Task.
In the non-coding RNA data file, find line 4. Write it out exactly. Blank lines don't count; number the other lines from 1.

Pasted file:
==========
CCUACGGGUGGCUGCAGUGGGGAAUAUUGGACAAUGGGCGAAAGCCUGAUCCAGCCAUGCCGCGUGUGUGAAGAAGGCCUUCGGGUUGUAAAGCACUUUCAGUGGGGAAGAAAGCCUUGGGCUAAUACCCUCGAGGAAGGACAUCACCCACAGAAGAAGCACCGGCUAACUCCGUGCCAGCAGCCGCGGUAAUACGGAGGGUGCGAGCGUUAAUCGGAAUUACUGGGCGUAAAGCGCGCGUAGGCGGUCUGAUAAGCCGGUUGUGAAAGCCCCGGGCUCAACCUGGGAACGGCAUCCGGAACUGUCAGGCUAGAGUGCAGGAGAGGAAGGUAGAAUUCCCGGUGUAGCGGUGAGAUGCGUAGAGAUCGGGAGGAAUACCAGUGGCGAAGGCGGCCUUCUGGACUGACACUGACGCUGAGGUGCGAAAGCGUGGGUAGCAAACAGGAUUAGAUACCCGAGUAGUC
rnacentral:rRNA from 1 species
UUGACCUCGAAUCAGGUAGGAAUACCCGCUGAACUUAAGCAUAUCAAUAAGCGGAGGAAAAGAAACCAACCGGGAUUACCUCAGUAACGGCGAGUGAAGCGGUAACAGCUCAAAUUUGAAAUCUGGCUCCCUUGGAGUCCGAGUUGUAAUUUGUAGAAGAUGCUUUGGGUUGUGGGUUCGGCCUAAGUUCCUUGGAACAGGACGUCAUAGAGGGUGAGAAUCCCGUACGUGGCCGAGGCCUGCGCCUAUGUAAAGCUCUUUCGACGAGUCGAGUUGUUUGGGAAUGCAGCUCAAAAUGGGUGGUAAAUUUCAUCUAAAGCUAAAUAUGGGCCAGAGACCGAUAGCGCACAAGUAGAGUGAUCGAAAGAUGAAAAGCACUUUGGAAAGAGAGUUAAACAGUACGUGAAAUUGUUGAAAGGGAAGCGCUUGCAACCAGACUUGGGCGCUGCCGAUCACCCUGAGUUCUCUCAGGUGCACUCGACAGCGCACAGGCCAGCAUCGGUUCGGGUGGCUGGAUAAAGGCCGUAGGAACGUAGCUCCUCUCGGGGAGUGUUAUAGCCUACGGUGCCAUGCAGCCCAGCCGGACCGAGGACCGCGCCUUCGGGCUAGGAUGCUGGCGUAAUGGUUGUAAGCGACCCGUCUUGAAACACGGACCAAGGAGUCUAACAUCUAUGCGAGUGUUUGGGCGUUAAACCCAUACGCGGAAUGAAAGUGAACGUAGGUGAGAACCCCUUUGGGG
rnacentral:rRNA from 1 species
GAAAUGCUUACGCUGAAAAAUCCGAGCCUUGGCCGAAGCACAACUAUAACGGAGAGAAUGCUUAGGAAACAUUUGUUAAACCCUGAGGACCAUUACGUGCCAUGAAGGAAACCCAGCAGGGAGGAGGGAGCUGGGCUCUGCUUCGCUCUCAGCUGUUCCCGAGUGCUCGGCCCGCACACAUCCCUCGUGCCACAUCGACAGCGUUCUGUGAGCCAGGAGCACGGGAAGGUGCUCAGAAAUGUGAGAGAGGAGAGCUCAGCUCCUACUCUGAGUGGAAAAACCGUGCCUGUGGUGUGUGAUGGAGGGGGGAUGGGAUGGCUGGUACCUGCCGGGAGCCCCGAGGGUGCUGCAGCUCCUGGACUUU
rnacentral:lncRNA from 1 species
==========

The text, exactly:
rnacentral:rRNA from 1 species